All in all, between 1769 and 1823, the Franciscans founded twenty-one missions that form a chain from one end of the state to the other. Pilgrims can traverse the whole route via the California Mission Trail, a hiking path that winds all the way from San Diego to the wine country of Sonoma. 

That means the backbone of this state is literally a string of historic Catholic communities—many of them still active Mass centers, by the way—with their origins in the life of a saint.

I couldn’t walk the whole trail during the one long weekend I was on the West Coast last November. That’s a job for another trip. But I did make time to visit the three missions that were within driving distance of my home base in Valley Center: San Diego, San Luis Rey, and the famous San Juan Capistrano. 

Jewel of the California Missions

The very name San Juan Capistrano rolls off the tongue like music. Probably no other mission evokes the image of old-time, trading-post, frontier California quite like this place. It was known as the most beautiful and important mission of them all, still bearing the title “Jewel of the California Missions.”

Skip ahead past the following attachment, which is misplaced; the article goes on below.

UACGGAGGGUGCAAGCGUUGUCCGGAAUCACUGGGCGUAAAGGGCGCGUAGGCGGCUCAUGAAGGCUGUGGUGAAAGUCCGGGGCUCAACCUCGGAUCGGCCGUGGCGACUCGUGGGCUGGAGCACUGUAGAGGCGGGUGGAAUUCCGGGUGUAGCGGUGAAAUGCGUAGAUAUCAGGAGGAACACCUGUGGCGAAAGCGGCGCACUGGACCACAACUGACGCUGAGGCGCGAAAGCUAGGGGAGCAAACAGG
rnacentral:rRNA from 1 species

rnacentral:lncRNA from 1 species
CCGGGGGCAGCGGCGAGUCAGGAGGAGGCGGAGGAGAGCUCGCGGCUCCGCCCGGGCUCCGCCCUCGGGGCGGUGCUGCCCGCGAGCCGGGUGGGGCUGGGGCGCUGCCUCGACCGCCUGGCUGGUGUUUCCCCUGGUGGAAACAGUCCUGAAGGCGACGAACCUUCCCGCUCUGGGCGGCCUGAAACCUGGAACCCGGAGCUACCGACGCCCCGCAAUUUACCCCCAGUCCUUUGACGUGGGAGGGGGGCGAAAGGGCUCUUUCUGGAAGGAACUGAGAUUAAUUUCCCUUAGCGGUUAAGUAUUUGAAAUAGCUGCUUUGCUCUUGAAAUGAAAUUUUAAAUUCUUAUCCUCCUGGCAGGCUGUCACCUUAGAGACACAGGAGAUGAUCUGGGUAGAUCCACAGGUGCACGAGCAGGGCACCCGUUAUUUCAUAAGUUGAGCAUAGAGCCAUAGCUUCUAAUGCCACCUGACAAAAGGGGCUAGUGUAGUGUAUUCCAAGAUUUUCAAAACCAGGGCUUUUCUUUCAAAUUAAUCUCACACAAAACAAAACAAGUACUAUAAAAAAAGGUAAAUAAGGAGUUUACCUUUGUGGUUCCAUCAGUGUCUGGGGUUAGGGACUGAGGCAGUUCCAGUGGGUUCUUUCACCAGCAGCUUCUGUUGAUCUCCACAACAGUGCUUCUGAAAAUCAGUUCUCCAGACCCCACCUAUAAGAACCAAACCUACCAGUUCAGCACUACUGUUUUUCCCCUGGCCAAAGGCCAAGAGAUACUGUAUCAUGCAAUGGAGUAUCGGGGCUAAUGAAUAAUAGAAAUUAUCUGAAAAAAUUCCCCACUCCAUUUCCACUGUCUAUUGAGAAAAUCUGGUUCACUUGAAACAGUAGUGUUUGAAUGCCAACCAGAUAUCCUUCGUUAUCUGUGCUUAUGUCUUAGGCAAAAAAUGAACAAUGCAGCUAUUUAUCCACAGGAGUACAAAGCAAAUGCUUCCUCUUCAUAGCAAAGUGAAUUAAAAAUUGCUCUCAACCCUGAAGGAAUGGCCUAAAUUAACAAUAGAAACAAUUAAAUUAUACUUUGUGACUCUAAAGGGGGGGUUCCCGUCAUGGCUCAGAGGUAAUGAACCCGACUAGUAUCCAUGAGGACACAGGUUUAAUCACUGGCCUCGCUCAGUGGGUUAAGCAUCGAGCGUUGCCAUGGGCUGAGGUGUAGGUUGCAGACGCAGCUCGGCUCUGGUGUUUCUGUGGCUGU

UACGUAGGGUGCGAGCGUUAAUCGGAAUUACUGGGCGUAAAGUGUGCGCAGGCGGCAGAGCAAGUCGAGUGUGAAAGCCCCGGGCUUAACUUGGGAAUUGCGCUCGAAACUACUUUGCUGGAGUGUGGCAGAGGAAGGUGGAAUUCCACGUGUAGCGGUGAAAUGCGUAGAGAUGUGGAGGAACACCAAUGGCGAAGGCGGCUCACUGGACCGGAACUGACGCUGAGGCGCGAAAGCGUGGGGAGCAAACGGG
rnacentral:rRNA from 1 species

Situated about halfway between San Diego and Los Angeles, the mission is right in the center of the little town that grew up around it and took its name. For some reason the bustling location surprised me—I think I was expecting a historic site way out in the desert wilderness somewhere, and I suppose at the time of its founding, it was. 

St. Junípero Serra founded San Juan Capistrano in 1776, the 7th of the 21 missions. It contains the last chapel standing in which the saint himself said Mass—and that structure, known as the Serra Chapel and constructed in 1782, also happens to be the oldest standing building in the state.